By Lance Corporal Hoskins (243 Sqn, 159 Regt RLC)
On the weekend of 7- 9 March, 243 (Coventry) HQ Sqn set off on an adventure to the Island of Anglesey. A convoy of three vehicles packed with passengers and adventure training equipment made their way to the Joint Service Mountain Training Centre to begin a weekend packed of excitement, adrenaline fuelled and challenging fun, all for a cost of just £15.00. As each vehicle ‘de-bussed’ the troops were met by SSgt Khan (the Regular Permanent Staff Instructor) who gave each individual the good news that there was free Wi- Fi in the rooms – luxury in Army terms! After receiving the arrival brief, with beds made and kit packed away, we got some sleep before the weekend began on Saturday.
A sunny Saturday morning greeted us as we rose from our beds with rolling hills and sheep grazing, which is presumably the same as what they had done the day before, and the day before that and the day before that. After a bit of breakfast and plenty of flask filling we made our way to the Nuffield Training Centre in Llanfairpwllgwyngyllgogerychwyrndrobwll- llantysiliogogogochuchaf on the banks of the Menai Straits on the island of Anglesey in North Wales. No, I did not type loads of words, this is the name of the local area. I dare you to try to pronounce it. For those interested it means ‘St. Mary’s Church in the hollow of the white hazel near to the rapid whirlpool of Llantysilio of the red cave’.
‘knees wobble and lips wibble’
We were split into two groups and were each given an instructor who took us through a series of stands which included low wire activities, high wire activities, zip wiring and a trapeze jump. The low wire was quite exciting, it really tested your balance and co-ordination skills but as we progressed on to the high wire at a soaring 65 feet it definitely was enough to make the knees wobble and lips wibble! On each of the wires we had to make a steady climb up the side of a tree as it swayed from side to side in the wind and then believe that we could let go and walk across a plank whilst being supported only by a wire that was being held down by your mate on the ground. We were tasked with completing a full 360 degree turn and then a star jump before stepping off the platform to be lowered to the ground, some of us faster than others.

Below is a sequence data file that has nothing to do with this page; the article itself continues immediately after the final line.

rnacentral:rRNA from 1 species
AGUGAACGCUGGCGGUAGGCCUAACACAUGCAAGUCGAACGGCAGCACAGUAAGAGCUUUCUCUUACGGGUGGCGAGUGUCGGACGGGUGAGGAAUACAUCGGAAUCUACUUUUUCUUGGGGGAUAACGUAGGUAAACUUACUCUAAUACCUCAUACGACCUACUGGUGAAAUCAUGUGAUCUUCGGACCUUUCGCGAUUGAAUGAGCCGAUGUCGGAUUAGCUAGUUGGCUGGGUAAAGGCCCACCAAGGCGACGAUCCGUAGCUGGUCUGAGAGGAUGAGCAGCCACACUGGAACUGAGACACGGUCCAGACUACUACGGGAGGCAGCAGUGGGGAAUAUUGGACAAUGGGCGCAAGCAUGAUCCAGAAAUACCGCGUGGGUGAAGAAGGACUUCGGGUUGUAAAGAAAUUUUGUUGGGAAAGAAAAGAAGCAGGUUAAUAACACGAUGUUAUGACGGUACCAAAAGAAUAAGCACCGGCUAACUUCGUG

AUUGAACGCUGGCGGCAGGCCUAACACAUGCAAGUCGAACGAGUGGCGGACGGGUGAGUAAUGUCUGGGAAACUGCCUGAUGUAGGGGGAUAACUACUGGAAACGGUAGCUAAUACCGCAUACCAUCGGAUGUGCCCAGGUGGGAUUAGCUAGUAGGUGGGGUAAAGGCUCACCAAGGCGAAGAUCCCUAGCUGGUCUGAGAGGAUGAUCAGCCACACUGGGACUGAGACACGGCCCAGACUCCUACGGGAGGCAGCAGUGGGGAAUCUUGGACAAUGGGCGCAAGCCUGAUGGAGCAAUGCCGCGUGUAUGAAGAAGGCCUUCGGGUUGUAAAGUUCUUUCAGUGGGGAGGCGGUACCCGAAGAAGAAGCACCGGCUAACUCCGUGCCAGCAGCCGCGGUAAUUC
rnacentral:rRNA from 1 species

George in the Jungle
Next we moved on to the zip wire. We were to clip ourselves to the rope and then stand at the edge before our instructor kindly pushed us off. The only way we were going to stop was to either have our mates at the other end of the wire hold a wooden wedge down using a rope, or crash into the fast-approaching tree. The method worked well with the wooden wedge until Cpl Wright jumped off unexpectedly. Those of us who were supposed to stop him just carried on watching as he flew towards us. Luckily, LCpl Scrimshaw and I picked up the supporting rope just in time or he’d have carried out a really good impression of George in the Jungle.